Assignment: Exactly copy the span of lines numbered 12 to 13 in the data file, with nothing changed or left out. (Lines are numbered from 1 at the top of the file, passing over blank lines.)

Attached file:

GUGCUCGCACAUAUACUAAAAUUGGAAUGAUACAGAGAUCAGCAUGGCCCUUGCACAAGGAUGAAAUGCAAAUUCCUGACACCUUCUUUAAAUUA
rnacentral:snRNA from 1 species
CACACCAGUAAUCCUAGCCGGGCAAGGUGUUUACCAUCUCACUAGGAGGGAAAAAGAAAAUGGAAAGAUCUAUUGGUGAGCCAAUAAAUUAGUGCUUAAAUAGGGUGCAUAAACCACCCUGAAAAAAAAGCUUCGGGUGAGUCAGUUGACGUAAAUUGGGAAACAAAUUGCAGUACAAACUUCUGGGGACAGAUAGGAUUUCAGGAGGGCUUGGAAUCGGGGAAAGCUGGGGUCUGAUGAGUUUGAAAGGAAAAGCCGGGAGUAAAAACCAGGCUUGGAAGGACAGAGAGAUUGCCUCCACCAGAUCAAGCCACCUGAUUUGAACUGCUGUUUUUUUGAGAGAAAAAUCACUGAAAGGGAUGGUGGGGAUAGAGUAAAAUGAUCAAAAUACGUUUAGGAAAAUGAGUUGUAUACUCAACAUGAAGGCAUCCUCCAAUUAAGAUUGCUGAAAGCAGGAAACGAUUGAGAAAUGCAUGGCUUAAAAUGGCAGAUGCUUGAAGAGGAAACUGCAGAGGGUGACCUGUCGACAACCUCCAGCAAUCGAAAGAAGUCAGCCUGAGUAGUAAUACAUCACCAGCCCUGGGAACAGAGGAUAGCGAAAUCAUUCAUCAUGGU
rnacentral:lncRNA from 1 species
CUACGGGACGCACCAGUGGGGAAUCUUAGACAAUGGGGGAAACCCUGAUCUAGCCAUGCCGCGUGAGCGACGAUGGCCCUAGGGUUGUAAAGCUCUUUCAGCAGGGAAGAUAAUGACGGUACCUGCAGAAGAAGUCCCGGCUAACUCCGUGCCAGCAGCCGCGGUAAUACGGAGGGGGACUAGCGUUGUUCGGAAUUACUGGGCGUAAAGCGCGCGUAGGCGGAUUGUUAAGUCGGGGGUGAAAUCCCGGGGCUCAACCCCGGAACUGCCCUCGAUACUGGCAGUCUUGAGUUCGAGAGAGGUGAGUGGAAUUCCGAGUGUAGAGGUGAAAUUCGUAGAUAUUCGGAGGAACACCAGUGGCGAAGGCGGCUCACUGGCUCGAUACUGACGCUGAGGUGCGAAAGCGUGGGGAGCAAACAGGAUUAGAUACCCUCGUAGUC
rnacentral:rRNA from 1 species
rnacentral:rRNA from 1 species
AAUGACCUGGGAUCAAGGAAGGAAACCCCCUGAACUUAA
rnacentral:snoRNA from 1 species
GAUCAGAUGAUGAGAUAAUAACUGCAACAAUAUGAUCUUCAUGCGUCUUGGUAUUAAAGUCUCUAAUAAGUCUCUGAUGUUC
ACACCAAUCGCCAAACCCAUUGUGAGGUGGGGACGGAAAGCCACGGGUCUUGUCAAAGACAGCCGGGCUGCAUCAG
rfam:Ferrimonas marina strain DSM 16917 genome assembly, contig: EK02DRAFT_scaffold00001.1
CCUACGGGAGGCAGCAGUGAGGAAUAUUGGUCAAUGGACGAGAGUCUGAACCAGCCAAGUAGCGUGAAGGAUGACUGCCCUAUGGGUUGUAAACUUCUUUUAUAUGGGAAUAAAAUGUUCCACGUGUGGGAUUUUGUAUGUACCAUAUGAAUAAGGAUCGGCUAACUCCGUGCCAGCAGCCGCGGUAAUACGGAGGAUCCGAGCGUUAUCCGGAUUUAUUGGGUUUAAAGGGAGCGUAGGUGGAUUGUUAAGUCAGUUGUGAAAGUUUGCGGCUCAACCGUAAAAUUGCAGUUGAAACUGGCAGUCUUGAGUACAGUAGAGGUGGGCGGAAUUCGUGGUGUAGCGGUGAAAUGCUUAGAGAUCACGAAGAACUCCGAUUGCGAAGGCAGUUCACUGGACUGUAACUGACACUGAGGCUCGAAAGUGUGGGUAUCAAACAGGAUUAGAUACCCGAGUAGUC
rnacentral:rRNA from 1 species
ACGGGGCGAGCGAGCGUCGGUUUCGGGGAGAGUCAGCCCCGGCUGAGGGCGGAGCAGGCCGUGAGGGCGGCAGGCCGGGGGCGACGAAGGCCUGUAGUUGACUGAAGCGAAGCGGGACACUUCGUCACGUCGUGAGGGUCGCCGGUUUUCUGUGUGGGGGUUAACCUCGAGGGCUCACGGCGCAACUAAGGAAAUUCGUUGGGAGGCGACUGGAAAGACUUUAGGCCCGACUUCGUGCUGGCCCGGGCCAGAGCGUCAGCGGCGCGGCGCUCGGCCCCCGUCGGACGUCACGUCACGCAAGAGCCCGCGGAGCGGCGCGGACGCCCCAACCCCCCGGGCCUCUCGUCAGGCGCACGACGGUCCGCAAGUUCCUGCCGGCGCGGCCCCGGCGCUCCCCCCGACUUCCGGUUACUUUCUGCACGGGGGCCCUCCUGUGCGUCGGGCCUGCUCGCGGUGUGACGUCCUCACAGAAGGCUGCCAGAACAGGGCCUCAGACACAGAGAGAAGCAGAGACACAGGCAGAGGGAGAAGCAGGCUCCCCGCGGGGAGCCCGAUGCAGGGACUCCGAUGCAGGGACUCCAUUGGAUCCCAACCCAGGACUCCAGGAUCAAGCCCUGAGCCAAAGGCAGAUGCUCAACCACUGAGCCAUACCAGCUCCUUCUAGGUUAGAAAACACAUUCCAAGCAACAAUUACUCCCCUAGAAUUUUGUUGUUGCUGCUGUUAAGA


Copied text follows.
rfam:Ferrimonas marina strain DSM 16917 genome assembly, contig: EK02DRAFT_scaffold00001.1
CCUACGGGAGGCAGCAGUGAGGAAUAUUGGUCAAUGGACGAGAGUCUGAACCAGCCAAGUAGCGUGAAGGAUGACUGCCCUAUGGGUUGUAAACUUCUUUUAUAUGGGAAUAAAAUGUUCCACGUGUGGGAUUUUGUAUGUACCAUAUGAAUAAGGAUCGGCUAACUCCGUGCCAGCAGCCGCGGUAAUACGGAGGAUCCGAGCGUUAUCCGGAUUUAUUGGGUUUAAAGGGAGCGUAGGUGGAUUGUUAAGUCAGUUGUGAAAGUUUGCGGCUCAACCGUAAAAUUGCAGUUGAAACUGGCAGUCUUGAGUACAGUAGAGGUGGGCGGAAUUCGUGGUGUAGCGGUGAAAUGCUUAGAGAUCACGAAGAACUCCGAUUGCGAAGGCAGUUCACUGGACUGUAACUGACACUGAGGCUCGAAAGUGUGGGUAUCAAACAGGAUUAGAUACCCGAGUAGUC